The land of Vhangona was later settled by Karanga-Rodzvi clans from Zimbabwe: Vhatwanamba, Vhanyai, Vhatavhatsindi, and Vhalembethu. Masingo, Vhalaudzi, and Vhalemba are late arrivals in Venda.
According to one version of Vhangona oral history the capital of Vhangona was Mapungubwe
After Mapungubwe's fall, it was forgotten until 1932. On New Year's Eve 1932, E. S. J. van Graan, a local farmer and prospector, and his son, a former student of the University of Pretoria, discovered the wealth of artifacts on top of the hill. They reported the find to Professor Leo...
with the Raphulu Royal House as the most senior royal house of the Vhangona. According to this version the Vhangona Kingdom had +-145 chiefdoms and a King (Thovhele). It is said that the Kingdom was divided into seven districts:
- Tshamanyatsha; and
These districts were ruled by District Chiefs (Mahosi):
- Neswongozwi/Neluvuvhu (Dzanani);
- Nembilwi (Mbilwi);
- Netswime (Tswime);
- Netshiendeulu (Tshiendeulu);
- Netshakhuma (Tshakhuma);
- Netshamanyatsha (Tshamanyantsha); and
- Makhahani (Thulamela).
Each district had Vhamusanda (Junior Chiefs) who paid tribute to Mahosi. This tradition states that one of the Vhangona Kings was King Shiriyadenga whose royal kraal was at Mapungubwe. It is not clear if this Shiriyadenga is the same Shiriyedenga of the Sanga dynasty, a Karanga-Rozvi branch. The Sanga dynasty, in Zimbabwe’s eastern highlands, was founded by Chiphaphami Shiriyedenga who died in 1672. Could it be that at one point the Karanga-Rodzvi Empire extended beyond the Vhembe (Limpopo) River, and that the Vhangona, though not Karanga speaking, were at one point under Karanga-Rodzvi rule?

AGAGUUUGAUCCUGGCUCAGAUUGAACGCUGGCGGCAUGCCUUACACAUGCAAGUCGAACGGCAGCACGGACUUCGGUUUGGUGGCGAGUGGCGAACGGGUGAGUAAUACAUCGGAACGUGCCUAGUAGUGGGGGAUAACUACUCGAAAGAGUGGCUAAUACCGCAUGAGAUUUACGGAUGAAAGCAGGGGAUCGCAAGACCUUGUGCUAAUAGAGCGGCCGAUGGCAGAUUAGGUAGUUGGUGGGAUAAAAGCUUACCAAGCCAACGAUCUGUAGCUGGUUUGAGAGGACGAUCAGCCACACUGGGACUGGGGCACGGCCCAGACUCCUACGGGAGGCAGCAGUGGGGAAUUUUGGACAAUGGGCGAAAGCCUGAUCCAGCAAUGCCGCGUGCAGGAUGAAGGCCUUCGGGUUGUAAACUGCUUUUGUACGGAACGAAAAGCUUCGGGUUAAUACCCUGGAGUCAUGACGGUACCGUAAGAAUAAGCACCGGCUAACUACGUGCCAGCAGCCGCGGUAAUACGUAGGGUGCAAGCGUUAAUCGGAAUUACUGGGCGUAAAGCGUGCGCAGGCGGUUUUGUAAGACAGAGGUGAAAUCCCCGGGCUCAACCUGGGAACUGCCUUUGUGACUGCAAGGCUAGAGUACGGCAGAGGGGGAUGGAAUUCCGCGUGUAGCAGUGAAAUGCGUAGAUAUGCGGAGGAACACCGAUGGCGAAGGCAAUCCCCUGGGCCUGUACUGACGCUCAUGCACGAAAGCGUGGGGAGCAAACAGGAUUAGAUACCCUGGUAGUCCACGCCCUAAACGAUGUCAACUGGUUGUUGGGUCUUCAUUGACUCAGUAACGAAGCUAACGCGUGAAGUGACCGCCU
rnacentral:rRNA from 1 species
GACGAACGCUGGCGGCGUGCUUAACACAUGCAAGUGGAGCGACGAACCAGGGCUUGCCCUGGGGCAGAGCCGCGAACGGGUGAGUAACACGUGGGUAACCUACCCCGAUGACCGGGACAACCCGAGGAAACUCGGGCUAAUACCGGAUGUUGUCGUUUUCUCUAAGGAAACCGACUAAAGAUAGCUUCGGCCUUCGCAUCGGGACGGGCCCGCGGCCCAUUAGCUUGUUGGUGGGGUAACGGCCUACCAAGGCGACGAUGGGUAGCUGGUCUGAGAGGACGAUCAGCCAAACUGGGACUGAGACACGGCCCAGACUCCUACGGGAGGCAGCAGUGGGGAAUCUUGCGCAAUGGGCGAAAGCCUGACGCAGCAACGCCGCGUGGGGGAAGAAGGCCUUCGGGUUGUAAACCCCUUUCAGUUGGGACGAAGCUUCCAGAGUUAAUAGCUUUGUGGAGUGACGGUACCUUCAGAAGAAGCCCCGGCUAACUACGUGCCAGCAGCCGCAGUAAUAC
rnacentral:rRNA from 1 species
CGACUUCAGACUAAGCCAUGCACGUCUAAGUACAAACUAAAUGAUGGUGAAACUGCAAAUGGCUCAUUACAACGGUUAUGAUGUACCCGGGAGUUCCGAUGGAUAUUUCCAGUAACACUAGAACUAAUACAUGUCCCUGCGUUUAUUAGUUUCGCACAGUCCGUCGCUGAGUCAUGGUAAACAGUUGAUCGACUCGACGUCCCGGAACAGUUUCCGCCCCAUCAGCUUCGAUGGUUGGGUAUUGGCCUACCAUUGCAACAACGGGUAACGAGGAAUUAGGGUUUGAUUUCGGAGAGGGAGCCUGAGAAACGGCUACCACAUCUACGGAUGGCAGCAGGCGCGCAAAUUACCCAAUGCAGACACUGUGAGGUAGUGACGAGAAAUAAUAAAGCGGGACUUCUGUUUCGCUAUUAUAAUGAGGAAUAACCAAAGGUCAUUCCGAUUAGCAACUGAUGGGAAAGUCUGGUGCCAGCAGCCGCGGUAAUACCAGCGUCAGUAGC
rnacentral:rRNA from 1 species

The other version of Vhangona history disputes that the Vhangona were ever united under one chief or King. It says that the Vhangona had different independent chiefdoms and that the Vhangona chief of Nzhelele valley was Tshidziwelele of the Mudau clan. What is clear, however, is that the Vhatwanamba, who were of Karanga-Rodzvi origin, conquered Vhangona clans who lived in Mapungubwe, Musina, Ha-Tshivhula, Ha-Lishivha, Ha-Matshete, Ha-Mulambwane, and Ha-Madzhie (the areas of Ha-Tshivhula, Ha-Lishivha, Ha-Matshete, and Ha-Mulambwane are known today as Alldays and Waterpoort).